Generally when we think of fantasy novels, we think of epic volumes similar to the 1500 page Brandon Sanderson novels or the 14 book Wheel of Time series by Robert Jordan (later taken over by Brandon Sanderson). So when I wrote my first draft of Falls of Redemption several years ago and it came out to 160,000 words (roughly 600 pages), I thought I was off to a good start. I was keeping it short-ish, since this is recommended for new authors, and yet it was long enough to meet the standards of fantasy novels.
Over the years of the revision process, my book changed drastically (as a book should), even to the point that I decided to publish it as 6 "Episodes," of about 100 pages each.
"What-the-what?" you may ask. Here's my logic:
Two main influences on my decision to go the episodic route were the "Self-Publishing Podcast" and watching how gaming companies are making a successful model out of episodic games.
If you read my books (Creative Writing Career) or blog posts (CreativeWritingCareer.com), you know I'm a big fan of the Self-Publishing Podcast. The guys over there are prolific and amazingly open with their process and advice. They advise pushing out your episodes every week or two, but for many of us, that is a tight schedule. Since I am not as well known as them, I'm starting off with once a month for my Falls of Redemption serial, though I'll consider their schedule in the future as I pick up traction. My reasoning here is that this will allow me to properly market each book as they come out, and I can always push my last 3 or 4 books to a weekly or bi-weekly schedule if the demand is there.
Some good points they make is that you have to still do proper editing and find professional looking covers, because you want to showcase yourself as a professional. The hard part there will be that if you are publishing 5 or 6 books in your "season," as serial books are often broken into, you don't want to have to pay someone to do 5 or 6 covers. Instead consider one cover with different color schemes, different enough to make it clear that they are different books. The Chronicles of Steele: Raven books do a great job of this, and I'd love to work with the cover artist of those.
One main reason I see episodic games being successful is that they break up the level of commitment into chunks. Some of us feel that a 40 hour game, or even a 15 hour game, is too much time to spend in front of the television hacking away at pixels. But if you give me 1.5 to 2 hours a month? Sure, I can manage that. So it works for parents and people with jobs, anyone really who finds that time is scarce. Maybe it works better for kids with lower attention spans? Like a game, fantasy novels can be huge commitments, but if you tell me I only have to read 100 pages and I'll be done with the first episode, I'm intrigued. I can give you enough time to read 100 pages, and if I don't like it, I don't read the rest.
But it also works better for the producer of the material, because instead of waiting until the whole 12 hour game is developed, which would likely take a year or two, now the company can publish something every couple of months, and keep the audience engaged and excited. Likewise with a novel, instead of trying to edit a massive beast, now you can edit 100 page chunks -- and I would argue this could make your story better, because you're considering the pacing and plot in a specific part of your story. Like the screenwriter, you really should give this kind of attention to each scene, while keeping the bigger picture in mind the whole time.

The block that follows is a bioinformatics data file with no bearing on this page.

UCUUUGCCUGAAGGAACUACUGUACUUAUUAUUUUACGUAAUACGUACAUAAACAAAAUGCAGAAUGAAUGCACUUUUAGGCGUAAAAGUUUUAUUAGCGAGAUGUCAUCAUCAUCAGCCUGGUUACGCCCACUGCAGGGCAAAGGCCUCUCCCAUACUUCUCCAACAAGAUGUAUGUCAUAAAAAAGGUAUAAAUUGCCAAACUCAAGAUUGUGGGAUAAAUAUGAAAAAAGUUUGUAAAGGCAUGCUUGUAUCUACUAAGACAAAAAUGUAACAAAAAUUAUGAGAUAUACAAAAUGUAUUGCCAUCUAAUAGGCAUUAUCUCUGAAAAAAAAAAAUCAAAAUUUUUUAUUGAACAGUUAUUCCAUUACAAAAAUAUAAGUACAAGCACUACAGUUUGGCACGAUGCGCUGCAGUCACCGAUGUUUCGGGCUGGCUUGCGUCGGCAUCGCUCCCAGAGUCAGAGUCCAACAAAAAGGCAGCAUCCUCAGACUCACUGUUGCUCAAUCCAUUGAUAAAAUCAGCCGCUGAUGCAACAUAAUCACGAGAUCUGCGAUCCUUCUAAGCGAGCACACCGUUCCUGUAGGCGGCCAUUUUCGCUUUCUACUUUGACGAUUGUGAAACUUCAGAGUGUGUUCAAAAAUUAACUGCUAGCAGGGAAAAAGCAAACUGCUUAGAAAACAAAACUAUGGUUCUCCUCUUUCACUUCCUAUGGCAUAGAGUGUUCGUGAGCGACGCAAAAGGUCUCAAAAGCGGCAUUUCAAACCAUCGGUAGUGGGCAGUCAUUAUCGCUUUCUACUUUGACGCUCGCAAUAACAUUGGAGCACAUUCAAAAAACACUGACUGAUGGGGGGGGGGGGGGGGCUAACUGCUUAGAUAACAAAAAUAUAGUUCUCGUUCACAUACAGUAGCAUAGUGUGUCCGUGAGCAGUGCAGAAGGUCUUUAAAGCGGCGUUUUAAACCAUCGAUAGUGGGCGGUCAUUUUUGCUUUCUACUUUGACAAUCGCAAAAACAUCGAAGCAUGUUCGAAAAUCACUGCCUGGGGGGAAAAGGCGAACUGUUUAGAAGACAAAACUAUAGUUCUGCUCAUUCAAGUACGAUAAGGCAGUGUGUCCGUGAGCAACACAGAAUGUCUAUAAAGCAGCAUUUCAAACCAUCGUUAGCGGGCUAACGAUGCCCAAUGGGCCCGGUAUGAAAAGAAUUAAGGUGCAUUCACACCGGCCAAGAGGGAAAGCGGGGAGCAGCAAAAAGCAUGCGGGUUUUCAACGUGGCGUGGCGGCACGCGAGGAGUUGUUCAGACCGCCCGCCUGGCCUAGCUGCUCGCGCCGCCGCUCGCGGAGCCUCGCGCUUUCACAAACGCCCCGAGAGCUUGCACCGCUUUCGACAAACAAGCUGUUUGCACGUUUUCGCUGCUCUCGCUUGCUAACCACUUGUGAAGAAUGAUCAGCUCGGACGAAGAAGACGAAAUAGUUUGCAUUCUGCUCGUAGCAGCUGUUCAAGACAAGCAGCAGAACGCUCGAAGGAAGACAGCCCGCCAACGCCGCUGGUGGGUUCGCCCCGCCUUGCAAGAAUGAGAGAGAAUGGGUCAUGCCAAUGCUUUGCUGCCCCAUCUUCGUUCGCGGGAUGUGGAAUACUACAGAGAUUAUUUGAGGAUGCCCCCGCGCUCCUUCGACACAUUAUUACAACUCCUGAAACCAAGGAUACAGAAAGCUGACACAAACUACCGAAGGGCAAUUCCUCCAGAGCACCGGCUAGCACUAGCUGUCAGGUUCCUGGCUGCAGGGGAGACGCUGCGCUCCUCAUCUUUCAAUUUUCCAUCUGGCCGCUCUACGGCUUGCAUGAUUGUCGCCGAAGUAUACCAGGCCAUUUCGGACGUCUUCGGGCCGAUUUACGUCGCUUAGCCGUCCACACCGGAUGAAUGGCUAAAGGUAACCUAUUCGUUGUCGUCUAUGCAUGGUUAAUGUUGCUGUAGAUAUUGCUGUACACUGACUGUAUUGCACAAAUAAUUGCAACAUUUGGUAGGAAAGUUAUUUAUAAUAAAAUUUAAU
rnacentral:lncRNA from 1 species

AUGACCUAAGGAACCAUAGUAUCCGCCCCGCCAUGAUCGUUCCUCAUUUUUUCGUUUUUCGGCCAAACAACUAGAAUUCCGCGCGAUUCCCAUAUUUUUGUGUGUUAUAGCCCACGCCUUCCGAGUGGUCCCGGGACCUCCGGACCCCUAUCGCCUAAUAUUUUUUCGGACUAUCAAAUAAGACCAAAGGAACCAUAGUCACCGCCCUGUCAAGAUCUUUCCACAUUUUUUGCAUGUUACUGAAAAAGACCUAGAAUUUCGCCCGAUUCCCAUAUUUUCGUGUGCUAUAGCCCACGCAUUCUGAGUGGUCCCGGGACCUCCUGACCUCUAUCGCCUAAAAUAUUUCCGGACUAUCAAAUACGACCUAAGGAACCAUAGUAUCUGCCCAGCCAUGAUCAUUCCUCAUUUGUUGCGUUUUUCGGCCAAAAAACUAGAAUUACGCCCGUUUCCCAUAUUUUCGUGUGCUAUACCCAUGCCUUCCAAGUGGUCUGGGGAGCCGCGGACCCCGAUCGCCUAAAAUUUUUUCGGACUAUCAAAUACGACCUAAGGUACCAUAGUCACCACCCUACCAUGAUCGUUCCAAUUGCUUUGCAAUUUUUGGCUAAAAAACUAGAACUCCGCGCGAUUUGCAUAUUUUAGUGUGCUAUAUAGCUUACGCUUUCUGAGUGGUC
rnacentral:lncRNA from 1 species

Pricing is another factor here. With an episodic game I may have only spent $4.99 an episode, compared to as much as $60 for a traditional style game. While $10 for a novel may not sound like a lot, if I read a lot I'm going to go broke after a while. With serials I can charge $0.99 to $2.99 an episode, and give people a fun experience for much less money, time, and commitment. Now it's up to my story to pull them in and get them hooked.
Returning to Your Roots:
But if you want that massive fantasy novel, or whatever other genre novel, don't worry. After publishing your serial, or episodes, you can follow what other authors are doing and publish them all as one. If you do this, you'll have your 5 or 6 episodes, plus your book that contains them all, for a grand total of 6 or 7 books on Amazon helping you to get exposure. Serials may not be the way you want to present your book, but I hope I have given you something to think about. As an author who has done both, I can say there are some books that work better for it, and some that are great as standalone pieces. You have to make the call as the artist.
To follow my adventures in the serial business, check out Falls of Redemption on Amazon. My other novels and non-fiction books can be found on Amazon as well, and the audiobooks are available on Amazon, iTunes, and Audible.com. Enjoy!
About Justin M Sloan
Justin Sloan is a video game writer at Telltale Games, where he writes on Game of Thrones. As a novelist, Justin has published several MG and YA novels, and is about to publish his first literary novel. He is also an optioned screenwriter. Justin studied writing at the Johns Hopkins University MA in Writing program and at the UCLA School of Theater, Film and Television's Professional Program in Screenwriting.
Justin was in the Marines for five years and has lived in Japan, Korea, and Italy. He currently lives with his amazing wife and children in the Bay Area, where he writes and enjoys life.
A Writer's Tale
Scarlett Van Dijk
Writer of young adult, fantasy series, the Sky Stone series, poetry and short stories.
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